for men, as well. And I see our needs as being both in public policy and
in redefining the corporate bottom line.
Take for instance the corporate downsizing that is so widespread today.
It's something that's affecting both men and women. It affects men who've
been conditioned to expect the status and security of employment; it affects
women who've only just made it into lower and middle management jobs,
the jobs most vulnerable to downsizing. There's a risk here that men will
begin to see women as the enemy taking jobs, and that women will see men
as taking away from them the rewards they've worked so hard to achieve.
In fact, public policy should be addressing the root causes of downsizing
and look at all the options, including shorter work weeks. Corporations
need to define work in new ways, need to provide more support for job
sharing, flex hours, and other policies that would offer a broader range
of participation in the work force.
Region: When you talk about a shorter work week, one of the first
obstacles that comes to mind is remaining competitive in the global market.
Friedan: What we're talking about here is how we define our public
policy objectives, including economic policy. If our public policy objective
is to assure broad participation in the work force, to free up men and
women to work and raise families and to continue to draw on the experience
and abilities of older men and women, as well, then our economic policies
need to support that objective.
How do you do that, if you're a public policy maker? Well, maybe world
leaders attending international economic summits need to spend more time
considering how economic policies can support social objectives. Our economic
policies get set at a very high level. What gets considered is the value
of the dollar, trade agreements, interest rates. I'm not an economist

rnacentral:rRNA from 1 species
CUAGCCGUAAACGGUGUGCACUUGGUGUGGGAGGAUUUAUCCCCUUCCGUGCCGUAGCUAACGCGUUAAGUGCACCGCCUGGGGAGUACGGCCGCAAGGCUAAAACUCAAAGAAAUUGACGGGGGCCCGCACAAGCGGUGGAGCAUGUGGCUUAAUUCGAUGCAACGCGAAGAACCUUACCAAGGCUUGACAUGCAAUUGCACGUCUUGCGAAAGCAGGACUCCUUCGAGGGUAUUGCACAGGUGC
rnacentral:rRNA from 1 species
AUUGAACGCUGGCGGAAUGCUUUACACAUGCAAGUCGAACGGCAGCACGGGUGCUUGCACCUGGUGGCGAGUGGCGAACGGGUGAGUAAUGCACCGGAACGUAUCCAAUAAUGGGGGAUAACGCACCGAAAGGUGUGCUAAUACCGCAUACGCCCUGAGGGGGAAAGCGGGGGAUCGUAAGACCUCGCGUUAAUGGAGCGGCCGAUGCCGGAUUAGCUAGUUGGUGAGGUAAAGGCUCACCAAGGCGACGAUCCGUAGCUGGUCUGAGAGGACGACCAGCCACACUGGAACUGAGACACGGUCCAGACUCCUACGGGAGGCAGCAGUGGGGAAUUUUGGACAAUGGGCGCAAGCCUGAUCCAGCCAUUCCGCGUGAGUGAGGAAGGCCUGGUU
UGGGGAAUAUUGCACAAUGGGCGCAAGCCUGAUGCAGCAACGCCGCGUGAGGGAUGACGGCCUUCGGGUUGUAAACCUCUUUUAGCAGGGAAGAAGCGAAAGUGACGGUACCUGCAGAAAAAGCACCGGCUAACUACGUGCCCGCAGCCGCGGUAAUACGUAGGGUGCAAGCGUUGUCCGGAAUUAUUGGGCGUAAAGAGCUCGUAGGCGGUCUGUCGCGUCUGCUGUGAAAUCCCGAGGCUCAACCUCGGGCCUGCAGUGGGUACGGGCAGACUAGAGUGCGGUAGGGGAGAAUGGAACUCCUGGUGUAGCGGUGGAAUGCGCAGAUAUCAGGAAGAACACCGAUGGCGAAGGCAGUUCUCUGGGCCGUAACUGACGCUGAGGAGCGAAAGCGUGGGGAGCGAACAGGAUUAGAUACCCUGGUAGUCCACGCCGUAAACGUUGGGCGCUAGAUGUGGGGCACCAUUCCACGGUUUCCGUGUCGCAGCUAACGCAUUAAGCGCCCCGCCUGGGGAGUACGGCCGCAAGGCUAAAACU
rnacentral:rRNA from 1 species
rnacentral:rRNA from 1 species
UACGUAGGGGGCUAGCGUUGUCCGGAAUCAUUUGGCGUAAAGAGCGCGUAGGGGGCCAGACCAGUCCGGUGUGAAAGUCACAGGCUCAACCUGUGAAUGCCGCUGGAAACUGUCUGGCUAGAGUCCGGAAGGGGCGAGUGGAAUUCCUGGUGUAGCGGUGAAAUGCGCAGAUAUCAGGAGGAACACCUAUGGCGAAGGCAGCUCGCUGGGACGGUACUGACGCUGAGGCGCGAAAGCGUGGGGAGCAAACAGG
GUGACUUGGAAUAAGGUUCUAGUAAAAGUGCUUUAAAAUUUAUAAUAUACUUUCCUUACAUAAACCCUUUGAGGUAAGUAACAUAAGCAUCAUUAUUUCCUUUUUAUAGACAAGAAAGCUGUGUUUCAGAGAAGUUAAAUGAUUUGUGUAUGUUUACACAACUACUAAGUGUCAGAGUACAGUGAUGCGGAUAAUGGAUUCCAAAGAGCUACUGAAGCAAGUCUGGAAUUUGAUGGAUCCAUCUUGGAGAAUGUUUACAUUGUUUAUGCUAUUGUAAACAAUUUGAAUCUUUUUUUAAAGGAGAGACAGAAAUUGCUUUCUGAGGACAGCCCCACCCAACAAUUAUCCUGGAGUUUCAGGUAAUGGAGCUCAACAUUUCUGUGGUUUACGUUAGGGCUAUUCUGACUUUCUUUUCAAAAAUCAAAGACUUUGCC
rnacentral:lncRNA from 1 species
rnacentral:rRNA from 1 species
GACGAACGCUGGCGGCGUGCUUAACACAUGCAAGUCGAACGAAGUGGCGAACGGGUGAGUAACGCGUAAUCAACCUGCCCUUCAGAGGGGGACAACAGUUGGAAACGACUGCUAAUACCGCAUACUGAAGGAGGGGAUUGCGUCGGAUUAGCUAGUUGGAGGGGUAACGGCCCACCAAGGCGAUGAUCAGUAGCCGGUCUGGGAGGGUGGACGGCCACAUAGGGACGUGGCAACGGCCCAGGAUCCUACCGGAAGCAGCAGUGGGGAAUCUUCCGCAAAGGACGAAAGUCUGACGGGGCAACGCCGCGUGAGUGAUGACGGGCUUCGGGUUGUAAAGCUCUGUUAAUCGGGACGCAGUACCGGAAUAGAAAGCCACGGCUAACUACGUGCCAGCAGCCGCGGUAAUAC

and I wouldn't for a moment deny the importance of these larger issues.
But more effort has to be made to integrate these larger, purely economic
policies with social concerns. I don't think anyone fully understands
the impact economic policy has on social outcomes. We tend, at the public
policy level, to set our macro objectives and then clean up the micro
impact in the political process. Social objectives should in some sense
drive our economic agenda.
Region: Are there economists who are attempting to do this?
Friedan: Laura D'Andrea Tyson in the Clinton administrationand
Robert Reich, too, at Laborseem very sensitive to these concerns.
But we need more people working actively to come up with a new economic
paradigm that supports both growth and a more humanistic orientation within
the workplace. The costs of not doing this are enormous. There is a great
deal of frustration, that borders on rage, that politicians need to be
responsive to. We're going to pay one way or the other.
Region: It's clear you've been busy writing. What else have you
been up to ?
Friedan: One of my objectives over the past several years has
been to address economic issues in the context of people's real lives.
I started out with a think tank on the evolution of feminist thought under
the Institute for the Study of Women and Men at the University of Southern
California (USC). That effort ran into problems because I didn't see eye
to eye with people in women's studies. The think tank found a new home
in the Leadership Institute at the USC business school, where I've taught
for the last seven or eight years and hold the position of distinguished
visiting professor. I've also given lectures there on women's experience
in management and on diversity in managementlectures that are now
given to all MBA students.
It has been interesting to me that the business school has been much
more open and receptive to these issues than was the more traditional
academic setting. I think the reason for that is the business school recognizes
that these issues are realto both employers and employees. Business
schools' constituencies are looking for solutions to these problems and
business schools are being responsive.
On occasion I convene a retreat for women interested in economic issueswe
met at the Xerox conference center this past January to deal with new
economic thinking that is essential to women. And I'm going to be a Wilson
Fellow in Washington this fall, which will be a wonderful opportunity
to focus on women and economics.
Region: Earlier you mentioned the need to redefine the corporate